Providing orthodontic treatment with an appliance that is suitable for an individual patient involves the collection of anatomical and other personal information of the patient, the preparation of the information in a form that can be usefully processed to determine a treatment plan and the properties of an appliance for carrying out the treatment plan, the processing of that information, and the use of the information in making the appliance. The quality of the information acquired by the system affects the quality of all of the steps that follow.
A digital file or a folder or other plurality of files is maintained on one or more computers, preferably on a server located at an orthodontic appliance custom design determining facility. The file or files contain information regarding individual patients, their treating practitioners and their treatment plans. The information may be maintained, for example, in related database files. A file of records of doctors who are the customers of the facility may contain information identifying the doctor by name and an assigned customer number that is created when the doctor becomes a customer. Such file might be linked to or contain information relating to default preferences of the doctor as to prescriptions and appliance hardware. A file of records of patients of the doctors may contain information with links to the doctor records identifying the patient and an assigned patient number that is created when the patient case is opened by the doctor with the facility. Such files might be linked to various files of other information relating to patients, the patient anatomy, patient medical history, the treatment plan and ultimately the treatment goal, and to data correlated to appliances proposed for the treatment that are the result of other work performed at the facility.
- II. Scanning
The patient information may be communicated by the doctor to the facility along with prescription information, any lateral cephalograms, tracings or x-rays of the dental or skeletal anatomy of the patient, any photographs or other images of soft tissue of the patient All such information is preferably maintained at the facility in digital files that are linked to the respective patient records in the patient's files. If digital scan data of the patient's teeth have been obtained by the doctor or patient, that scan data may be transmitted in digital form and maintained at the facility with the other digital information of the patient. In a system described below, impressions of a patient's teeth, or casts made from an impression, are provided by the doctor to the facility. These impressions include upper and lower arch impressions of the teeth of the patient in their malocclused, or pretreatment, state. When case information is received by the facility, a workorder number is assigned.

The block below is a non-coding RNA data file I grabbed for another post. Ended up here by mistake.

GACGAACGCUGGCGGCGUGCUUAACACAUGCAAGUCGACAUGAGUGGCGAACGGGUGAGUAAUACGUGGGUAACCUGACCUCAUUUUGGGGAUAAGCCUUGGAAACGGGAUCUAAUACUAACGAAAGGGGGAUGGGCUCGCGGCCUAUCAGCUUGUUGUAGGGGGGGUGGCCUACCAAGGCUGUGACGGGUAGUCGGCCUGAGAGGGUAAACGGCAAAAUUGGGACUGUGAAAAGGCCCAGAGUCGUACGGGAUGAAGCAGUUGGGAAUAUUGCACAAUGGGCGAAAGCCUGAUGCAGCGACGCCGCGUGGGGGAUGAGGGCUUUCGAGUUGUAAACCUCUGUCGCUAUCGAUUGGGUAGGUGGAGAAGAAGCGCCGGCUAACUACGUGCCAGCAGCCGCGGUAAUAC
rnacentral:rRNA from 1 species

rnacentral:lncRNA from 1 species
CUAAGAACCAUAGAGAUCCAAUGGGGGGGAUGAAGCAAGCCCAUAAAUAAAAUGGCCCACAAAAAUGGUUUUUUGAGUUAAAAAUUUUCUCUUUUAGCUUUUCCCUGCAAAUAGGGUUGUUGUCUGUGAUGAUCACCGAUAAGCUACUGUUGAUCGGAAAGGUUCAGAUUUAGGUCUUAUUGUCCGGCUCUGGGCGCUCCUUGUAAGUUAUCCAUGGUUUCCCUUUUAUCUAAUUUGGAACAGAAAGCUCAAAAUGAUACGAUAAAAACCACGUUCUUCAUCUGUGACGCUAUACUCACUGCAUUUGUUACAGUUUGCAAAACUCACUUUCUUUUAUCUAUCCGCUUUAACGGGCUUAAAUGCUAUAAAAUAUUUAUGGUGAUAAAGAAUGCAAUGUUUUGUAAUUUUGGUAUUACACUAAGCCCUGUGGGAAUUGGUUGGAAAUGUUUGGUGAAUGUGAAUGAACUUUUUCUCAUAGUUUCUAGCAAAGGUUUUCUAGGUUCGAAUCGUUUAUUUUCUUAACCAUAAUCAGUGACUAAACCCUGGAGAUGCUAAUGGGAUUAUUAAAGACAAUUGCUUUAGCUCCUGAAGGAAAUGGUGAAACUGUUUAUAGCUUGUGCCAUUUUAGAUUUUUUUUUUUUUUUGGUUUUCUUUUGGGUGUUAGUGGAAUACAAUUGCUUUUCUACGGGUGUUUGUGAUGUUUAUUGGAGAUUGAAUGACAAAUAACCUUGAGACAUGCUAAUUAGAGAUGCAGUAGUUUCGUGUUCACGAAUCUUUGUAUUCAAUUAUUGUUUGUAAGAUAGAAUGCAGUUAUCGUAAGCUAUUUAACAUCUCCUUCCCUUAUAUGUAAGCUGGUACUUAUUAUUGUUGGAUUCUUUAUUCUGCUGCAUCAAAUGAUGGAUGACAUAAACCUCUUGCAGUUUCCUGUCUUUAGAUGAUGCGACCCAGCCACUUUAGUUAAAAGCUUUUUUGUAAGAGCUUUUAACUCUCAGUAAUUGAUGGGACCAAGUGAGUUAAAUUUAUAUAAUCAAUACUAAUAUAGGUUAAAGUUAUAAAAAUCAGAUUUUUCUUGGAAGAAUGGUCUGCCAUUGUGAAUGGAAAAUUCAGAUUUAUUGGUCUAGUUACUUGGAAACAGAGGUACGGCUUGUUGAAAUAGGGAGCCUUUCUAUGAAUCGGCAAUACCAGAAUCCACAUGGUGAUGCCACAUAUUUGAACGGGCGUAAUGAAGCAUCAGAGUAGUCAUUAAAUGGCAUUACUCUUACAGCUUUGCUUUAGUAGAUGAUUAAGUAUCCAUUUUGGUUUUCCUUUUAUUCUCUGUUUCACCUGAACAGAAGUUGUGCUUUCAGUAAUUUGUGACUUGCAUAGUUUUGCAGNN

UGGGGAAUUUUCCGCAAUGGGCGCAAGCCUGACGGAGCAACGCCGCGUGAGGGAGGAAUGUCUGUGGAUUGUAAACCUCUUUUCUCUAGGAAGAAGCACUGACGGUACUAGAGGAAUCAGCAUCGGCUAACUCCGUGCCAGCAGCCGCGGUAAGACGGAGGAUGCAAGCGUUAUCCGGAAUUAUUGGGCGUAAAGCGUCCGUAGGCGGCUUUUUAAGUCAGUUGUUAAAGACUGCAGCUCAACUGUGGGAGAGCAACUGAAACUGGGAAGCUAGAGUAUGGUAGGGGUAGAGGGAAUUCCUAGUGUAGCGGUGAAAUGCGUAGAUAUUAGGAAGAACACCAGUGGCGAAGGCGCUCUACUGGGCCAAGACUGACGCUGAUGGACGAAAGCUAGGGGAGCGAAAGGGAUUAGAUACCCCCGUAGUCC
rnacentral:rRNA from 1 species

Scanning is a general term used here to describe the generation of digital data of the anatomy of a patient, and typically includes data of the shapes of the teeth of the patient. Preferably, the scanning results in a file in the form of a point cloud for each of the arches. The data may be produced directly from the patient's mouth or from a model or impression of the patient's mouth. For subsequent phases in the operation of the system, it does not matter how the data is generated, as long as it is in a form that can be understood by the equipment or converted to a form that can be used by the equipment. Some scanning methods that are acceptable are those described in U.S. Pat. No. 5,431,562 and in Published International Patent Application No. PCT/US00/35558, both hereby expressly incorporated herein by reference. Other methods already known in the art or yet to be developed may also be acceptable.
One method of scanning the patient's teeth at a facility that receives an impression of the teeth from the doctor may start with pouring a stone model or plaster cast for each of the maxillary and mandibular impressions. Two models of each are preferably made, particularly where a destructive scanning method is used. The models are labeled and identified with the work order number of the case.
One set of the models is then manicured to remove or smooth features on the surface of the model that can result in data artifacts when the models are scanned. The models are trimmed to minimize amount of unnecessary data that will be generated by the scan to keep scanning and processing time at a minimum.
A destructive scanning process may be used in which the manicured set of models is coated to minimize contrast bleed into the plaster of the model, which is typically white. 404 epoxy paint, for example, is mixed and the model is coated with it. The coated models are arranged on a tray, and urethane is mixed and poured over the model, and vacuum is applied and the urethane is cured, encasing the model in the urethane.
- III. Validation of Data, Individualization of Teeth and Determination of Landmarks
A destructive scan of the encased model is carried out with the mass milled or shaved in layers of 0.00× inches until the coating is first exposed. With each successive shaving of the mass, the boundary is progressively exposed, with inflections in the model surface and undercuts being fully captured by the boundary that is revealed by the scan, where x represents the resolution desired, here indicated as some thousandths of an inch With each pass of the mill optical equipment is used to digitize the coordinates of points on the boundary to whatever resolution is deemed desirable. For the production of reliable appliance placement jigs, for example, as high a resolution as is practical is desirable, with a minimum resolution being in the range of 100 to 150 points per inch. The points defining each arch are saved as pointcloud file, which is identified with the workorder number of the case.